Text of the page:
Yellow-Bellied Sea Snake 

Yellow-Bellied Sea Snake 

The yellow-bellied sea snake belongs to the group of sea snakes called Elapidae, which is an ancient family of snakes. The first fossils were found in Texas

Sea snakes are typically dark green or brown with black markings on their backs that seem to look like bands. They are venomous but not as deadly as other

The yellow-bellied sea snake is as wide as it is long and typically has yellow or olive-colored skin and an unplatified yellow, brown or blackish-brown belly with white bands.

It also has white bars on the outer rim of each eye (megacephalic bar) and a black stripe that runs from the base of the tail to the center of the tail (adipose line).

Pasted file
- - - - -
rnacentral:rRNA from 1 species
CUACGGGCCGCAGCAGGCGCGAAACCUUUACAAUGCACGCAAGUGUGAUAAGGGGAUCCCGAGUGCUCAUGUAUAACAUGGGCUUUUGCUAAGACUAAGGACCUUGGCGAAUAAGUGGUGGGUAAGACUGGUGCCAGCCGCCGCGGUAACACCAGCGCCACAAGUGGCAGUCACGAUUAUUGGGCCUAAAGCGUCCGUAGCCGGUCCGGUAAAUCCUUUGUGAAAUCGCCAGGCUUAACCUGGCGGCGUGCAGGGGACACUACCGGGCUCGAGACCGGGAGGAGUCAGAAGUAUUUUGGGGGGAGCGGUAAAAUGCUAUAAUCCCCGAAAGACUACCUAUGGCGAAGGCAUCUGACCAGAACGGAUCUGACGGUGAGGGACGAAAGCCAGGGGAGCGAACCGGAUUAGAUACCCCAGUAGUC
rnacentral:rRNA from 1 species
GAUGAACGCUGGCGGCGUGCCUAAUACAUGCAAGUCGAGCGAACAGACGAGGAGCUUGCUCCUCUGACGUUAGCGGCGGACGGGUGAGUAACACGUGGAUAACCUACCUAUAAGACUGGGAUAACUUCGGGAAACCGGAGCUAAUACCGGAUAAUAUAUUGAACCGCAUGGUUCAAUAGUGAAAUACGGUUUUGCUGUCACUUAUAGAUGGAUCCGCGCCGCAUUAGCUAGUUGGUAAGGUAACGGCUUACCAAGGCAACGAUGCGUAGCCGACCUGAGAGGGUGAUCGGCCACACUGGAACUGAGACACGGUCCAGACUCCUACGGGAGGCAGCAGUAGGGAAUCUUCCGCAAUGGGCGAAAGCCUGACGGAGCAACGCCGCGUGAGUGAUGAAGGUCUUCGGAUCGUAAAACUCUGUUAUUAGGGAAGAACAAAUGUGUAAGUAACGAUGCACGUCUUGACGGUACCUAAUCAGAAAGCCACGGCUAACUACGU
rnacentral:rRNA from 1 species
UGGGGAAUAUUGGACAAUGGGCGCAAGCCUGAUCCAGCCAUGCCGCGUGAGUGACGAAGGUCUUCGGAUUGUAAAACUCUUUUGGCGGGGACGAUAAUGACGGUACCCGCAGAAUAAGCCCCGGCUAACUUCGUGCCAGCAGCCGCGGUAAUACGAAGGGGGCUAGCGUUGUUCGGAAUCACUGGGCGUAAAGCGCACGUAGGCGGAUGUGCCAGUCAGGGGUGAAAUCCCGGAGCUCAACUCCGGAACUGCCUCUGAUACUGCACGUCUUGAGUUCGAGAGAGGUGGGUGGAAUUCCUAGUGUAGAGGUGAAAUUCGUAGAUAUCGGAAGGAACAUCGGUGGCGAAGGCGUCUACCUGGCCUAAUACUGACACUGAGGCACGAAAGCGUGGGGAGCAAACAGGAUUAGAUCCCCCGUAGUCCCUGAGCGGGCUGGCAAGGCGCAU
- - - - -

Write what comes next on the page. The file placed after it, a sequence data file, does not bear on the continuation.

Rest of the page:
The scales on its upper body are scattered with small white spots and four black bands. The lower half of the tail (the caudal region) is yellow

A large specimen of this species reaches up to seven feet in total length (including the tail) and one of the longest living snakes in the world.

The yellow-bellied sea snake is found in tropical and subtropical waters of the Indo-Pacific and southeastern Pacific oceans.

It is the largest and second-largest sea snake species (not counting the Persian or Coral snake, Hydrophis persicus) in the world

The average total length (including tail) is more than 4 m (13 ft) and the maximum total length (including tail) is more than 7 m (23 ft).

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